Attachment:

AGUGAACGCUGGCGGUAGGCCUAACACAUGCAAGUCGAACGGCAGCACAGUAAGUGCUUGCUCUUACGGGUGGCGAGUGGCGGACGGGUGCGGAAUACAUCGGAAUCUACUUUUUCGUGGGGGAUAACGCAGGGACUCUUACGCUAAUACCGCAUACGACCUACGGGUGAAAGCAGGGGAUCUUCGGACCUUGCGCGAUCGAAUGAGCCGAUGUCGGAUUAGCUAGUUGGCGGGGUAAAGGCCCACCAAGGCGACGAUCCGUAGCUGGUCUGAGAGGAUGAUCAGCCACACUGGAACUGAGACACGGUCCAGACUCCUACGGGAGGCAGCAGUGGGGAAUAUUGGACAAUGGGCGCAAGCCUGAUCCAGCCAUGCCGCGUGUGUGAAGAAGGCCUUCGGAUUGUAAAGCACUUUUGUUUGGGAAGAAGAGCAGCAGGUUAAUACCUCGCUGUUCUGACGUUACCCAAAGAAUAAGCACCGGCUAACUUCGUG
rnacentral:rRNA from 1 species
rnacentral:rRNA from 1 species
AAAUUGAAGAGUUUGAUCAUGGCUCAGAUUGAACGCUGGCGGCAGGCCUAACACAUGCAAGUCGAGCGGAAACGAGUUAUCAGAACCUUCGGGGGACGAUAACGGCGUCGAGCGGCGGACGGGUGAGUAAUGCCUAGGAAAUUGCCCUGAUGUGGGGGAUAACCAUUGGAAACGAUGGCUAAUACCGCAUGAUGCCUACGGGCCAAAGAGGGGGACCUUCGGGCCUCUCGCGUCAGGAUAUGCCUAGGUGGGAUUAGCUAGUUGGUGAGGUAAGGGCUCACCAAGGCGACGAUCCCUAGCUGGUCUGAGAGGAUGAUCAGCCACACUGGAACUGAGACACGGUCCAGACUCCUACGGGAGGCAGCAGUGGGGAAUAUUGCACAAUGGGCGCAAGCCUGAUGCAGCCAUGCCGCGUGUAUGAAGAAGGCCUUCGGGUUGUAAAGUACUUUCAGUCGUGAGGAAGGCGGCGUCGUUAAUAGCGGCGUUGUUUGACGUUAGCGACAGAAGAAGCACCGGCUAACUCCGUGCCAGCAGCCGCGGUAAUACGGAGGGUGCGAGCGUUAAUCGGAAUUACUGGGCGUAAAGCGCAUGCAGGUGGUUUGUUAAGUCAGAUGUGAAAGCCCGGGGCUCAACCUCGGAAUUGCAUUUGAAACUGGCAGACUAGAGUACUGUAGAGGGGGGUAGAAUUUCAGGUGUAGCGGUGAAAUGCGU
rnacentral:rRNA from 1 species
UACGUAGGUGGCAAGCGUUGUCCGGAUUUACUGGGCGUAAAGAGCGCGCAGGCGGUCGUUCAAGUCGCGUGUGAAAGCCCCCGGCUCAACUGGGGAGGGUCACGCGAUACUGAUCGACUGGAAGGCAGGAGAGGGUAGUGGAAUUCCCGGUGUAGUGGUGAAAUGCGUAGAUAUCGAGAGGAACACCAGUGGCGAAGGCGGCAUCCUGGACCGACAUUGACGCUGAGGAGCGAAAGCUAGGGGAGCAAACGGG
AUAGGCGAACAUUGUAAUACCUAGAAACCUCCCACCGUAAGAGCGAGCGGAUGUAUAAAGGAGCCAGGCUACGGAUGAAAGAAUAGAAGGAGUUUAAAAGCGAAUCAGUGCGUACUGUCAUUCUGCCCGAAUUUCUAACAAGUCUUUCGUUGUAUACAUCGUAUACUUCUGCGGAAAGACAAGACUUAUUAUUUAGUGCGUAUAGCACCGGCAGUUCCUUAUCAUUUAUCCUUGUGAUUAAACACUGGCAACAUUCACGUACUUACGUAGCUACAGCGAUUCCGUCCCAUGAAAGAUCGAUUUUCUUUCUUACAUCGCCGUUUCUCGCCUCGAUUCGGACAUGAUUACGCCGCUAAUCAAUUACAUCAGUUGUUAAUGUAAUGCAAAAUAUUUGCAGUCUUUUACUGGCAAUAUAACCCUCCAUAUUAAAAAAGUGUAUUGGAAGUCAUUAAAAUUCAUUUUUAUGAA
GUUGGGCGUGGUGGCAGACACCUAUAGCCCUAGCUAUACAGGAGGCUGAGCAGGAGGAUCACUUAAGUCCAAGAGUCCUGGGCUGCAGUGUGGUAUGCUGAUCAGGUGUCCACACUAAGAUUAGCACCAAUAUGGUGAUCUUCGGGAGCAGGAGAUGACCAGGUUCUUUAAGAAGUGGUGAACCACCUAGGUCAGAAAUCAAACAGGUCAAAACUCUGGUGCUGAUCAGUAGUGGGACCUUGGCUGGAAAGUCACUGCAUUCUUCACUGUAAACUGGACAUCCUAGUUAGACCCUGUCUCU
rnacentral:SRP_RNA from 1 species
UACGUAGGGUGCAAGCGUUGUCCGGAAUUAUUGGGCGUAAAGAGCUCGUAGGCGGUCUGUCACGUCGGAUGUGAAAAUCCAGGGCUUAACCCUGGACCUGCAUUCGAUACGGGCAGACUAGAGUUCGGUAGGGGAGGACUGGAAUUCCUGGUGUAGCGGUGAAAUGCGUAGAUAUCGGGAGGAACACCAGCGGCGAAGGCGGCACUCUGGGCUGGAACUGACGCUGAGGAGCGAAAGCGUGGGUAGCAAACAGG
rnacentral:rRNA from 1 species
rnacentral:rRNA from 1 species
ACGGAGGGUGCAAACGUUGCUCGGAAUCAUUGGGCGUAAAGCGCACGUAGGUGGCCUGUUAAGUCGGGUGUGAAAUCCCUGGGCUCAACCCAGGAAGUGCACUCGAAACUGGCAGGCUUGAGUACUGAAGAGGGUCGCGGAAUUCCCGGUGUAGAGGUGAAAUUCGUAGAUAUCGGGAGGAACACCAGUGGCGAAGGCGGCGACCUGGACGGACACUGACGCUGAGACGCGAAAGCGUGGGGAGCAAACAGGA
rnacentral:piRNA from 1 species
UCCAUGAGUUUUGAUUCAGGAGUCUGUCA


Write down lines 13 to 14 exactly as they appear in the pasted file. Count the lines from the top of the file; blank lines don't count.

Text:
ACGGAGGGUGCAAACGUUGCUCGGAAUCAUUGGGCGUAAAGCGCACGUAGGUGGCCUGUUAAGUCGGGUGUGAAAUCCCUGGGCUCAACCCAGGAAGUGCACUCGAAACUGGCAGGCUUGAGUACUGAAGAGGGUCGCGGAAUUCCCGGUGUAGAGGUGAAAUUCGUAGAUAUCGGGAGGAACACCAGUGGCGAAGGCGGCGACCUGGACGGACACUGACGCUGAGACGCGAAAGCGUGGGGAGCAAACAGGA
rnacentral:piRNA from 1 species